The key witness in the government's case is David Armstrong, a former lieutenant at the Florence prison and admitted member of the Cowboys. Armstrong was transferred from the prison a few months after the Turner fracas and was subsequently questioned about possible misconduct while employed at another U.S. Bureau of Prisons facility. Last July he entered into a plea agreement in Denver's federal court, acknowledging that he and other Cowboys engaged in "retaliatory beatings against disruptive or 'problem' inmates...[and] routinely joked, bragged and related tales of their abuse of inmates to each other."
Armstrong, who faces up to ten years in prison but is cooperating with investigators, no longer lives in Colorado. His attorney, Robert Berger, declined to comment on the case. But in his plea agreement, Armstrong states that the Cowboys were a secret wrecking squad formed early in 1995 out of staff frustration with perceived lenient treatment of SHU inmates who assaulted guards. The group's solution was to intimidate, harass and physically punish the "problem" inmates by punching and kicking them in the body and head -- and then file false reports that made the inmates appear to be the aggressors.
"Officers who expressed disapproval of the Cowboys' actions...were often threatened with physical harm," Armstrong's agreement states. "Officers who did not support them could be at risk of harm from an attack by an inmate because the Cowboys would delay or avoid providing help."
Turner hadn't been at the prison long enough to be known as a problem inmate when he was attacked in 1996, but by that time, the Cowboys' agenda had apparently expanded. A jailhouse lawyer, Turner had been in the SHU only a week when he asked an officer named Roderick Schultz for a towel. According to Schultz's report, Turner grabbed his wrist when he attempted to place a towel through the slot in the prisoner's door and proceeded to stab him repeatedly with a sharpened toothbrush. The 150-pound prisoner wouldn't release him, Schultz reported, and had to be subdued by Armstrong and two other officers, James Bond and Michael LaVallee, who arrived to offer assistance.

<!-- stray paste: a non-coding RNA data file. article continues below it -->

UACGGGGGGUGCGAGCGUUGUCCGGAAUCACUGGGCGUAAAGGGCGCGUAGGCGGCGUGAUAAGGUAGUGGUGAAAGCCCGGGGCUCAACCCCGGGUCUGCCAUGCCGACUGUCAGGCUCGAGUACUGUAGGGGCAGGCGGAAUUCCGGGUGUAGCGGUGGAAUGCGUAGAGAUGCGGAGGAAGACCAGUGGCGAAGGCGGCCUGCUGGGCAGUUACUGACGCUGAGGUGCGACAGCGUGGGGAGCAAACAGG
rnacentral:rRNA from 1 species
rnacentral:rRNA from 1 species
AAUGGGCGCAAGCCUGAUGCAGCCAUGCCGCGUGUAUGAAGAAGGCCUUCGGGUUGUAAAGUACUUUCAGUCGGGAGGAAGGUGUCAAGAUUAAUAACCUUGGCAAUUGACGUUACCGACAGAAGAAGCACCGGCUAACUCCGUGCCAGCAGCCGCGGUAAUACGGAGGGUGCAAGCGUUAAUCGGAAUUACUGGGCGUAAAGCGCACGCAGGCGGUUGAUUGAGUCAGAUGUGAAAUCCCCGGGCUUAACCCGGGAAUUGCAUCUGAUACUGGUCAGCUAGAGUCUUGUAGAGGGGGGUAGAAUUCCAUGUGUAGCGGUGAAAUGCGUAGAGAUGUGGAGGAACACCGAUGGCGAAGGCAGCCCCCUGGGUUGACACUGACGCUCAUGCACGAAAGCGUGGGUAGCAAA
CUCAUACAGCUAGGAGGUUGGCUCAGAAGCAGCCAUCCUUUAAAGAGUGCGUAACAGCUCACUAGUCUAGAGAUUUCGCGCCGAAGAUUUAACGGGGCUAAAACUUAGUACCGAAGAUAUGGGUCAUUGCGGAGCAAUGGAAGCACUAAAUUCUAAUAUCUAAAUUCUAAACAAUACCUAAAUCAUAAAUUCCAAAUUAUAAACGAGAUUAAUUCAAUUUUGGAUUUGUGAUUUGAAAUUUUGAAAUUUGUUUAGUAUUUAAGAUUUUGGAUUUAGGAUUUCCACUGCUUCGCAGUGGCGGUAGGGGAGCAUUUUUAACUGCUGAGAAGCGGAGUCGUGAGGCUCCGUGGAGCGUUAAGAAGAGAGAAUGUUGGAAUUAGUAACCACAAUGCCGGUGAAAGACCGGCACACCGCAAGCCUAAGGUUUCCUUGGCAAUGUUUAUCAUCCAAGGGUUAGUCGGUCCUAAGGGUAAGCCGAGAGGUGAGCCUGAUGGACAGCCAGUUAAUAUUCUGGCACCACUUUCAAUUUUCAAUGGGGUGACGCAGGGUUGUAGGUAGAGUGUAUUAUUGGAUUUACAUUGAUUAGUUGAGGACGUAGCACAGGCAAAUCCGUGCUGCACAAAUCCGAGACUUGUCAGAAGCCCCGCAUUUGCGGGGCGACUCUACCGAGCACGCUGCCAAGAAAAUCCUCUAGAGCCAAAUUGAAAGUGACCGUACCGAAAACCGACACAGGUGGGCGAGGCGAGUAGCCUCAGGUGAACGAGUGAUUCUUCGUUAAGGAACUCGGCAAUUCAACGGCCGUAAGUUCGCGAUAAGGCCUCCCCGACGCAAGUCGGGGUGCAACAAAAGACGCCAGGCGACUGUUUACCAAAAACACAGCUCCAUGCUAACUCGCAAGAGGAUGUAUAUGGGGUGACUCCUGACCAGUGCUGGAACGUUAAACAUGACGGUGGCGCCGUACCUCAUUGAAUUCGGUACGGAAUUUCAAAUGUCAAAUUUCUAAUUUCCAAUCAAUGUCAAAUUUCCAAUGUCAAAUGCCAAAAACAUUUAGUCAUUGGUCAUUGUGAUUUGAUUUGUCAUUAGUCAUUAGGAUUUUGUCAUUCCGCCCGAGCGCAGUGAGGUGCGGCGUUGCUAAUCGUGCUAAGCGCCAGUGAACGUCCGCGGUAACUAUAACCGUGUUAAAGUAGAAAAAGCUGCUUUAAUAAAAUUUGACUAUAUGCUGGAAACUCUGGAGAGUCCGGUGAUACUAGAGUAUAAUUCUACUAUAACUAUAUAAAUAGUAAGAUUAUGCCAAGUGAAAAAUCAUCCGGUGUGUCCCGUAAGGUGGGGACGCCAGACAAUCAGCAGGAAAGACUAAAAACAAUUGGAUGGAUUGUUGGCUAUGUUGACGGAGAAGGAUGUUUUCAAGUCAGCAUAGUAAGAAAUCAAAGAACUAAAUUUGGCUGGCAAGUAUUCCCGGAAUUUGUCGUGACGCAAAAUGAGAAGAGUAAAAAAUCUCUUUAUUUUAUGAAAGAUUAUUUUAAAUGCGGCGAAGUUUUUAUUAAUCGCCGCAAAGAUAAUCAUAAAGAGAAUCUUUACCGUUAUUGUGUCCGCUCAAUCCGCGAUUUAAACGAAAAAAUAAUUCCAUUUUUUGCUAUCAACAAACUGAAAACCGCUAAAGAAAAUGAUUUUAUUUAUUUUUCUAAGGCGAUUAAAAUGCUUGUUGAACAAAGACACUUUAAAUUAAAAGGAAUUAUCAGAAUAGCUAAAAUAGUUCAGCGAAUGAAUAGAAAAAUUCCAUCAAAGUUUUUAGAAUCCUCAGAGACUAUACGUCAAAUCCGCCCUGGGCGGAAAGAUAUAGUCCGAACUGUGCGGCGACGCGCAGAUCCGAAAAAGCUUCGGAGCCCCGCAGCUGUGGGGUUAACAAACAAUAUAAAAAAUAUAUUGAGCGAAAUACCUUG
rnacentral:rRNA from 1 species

The officers' reports on the incident are couched in strikingly similar language. For example, both Armstrong and Schultz describe how Turner "began to viscously [sic] stab" Schultz while "fanatically" screaming. In addition, the photo documentation of the superficial stab wounds to Schultz's arm and LaVallee's chest is remarkably poor. But it was Turner's word against that of four guards, and the case was soon made even stronger by Turner's videotaped statement. After four days of sitting in his own excrement in an isolation cell and receiving minimal medical attention, Turner says he decided to confess to a crime he didn't commit in the hope of receiving better treatment.
"I guess I blew up at Schultz," he told a guard through his cell door. "It was my fault. If you could relay that to the captain...also, I've got two lawsuits. Tell him that I'm willing to tear them up. I don't even want to deal with that shit."
But the case against Turner began to melt under the harsh light of a federal courtroom. Turner's court-appointed attorney, Scott Baroway, obtained forensic reports that suggested that the toothbrush in question hadn't been used to stab anyone and that the blood traces in the cell were inconsistent with the officers' accounts of the assault. "There was blood spatter down the cell door and a side wall," Baroway says. "It looked more like somebody flicked it there, rather than what you'd see from a stab wound."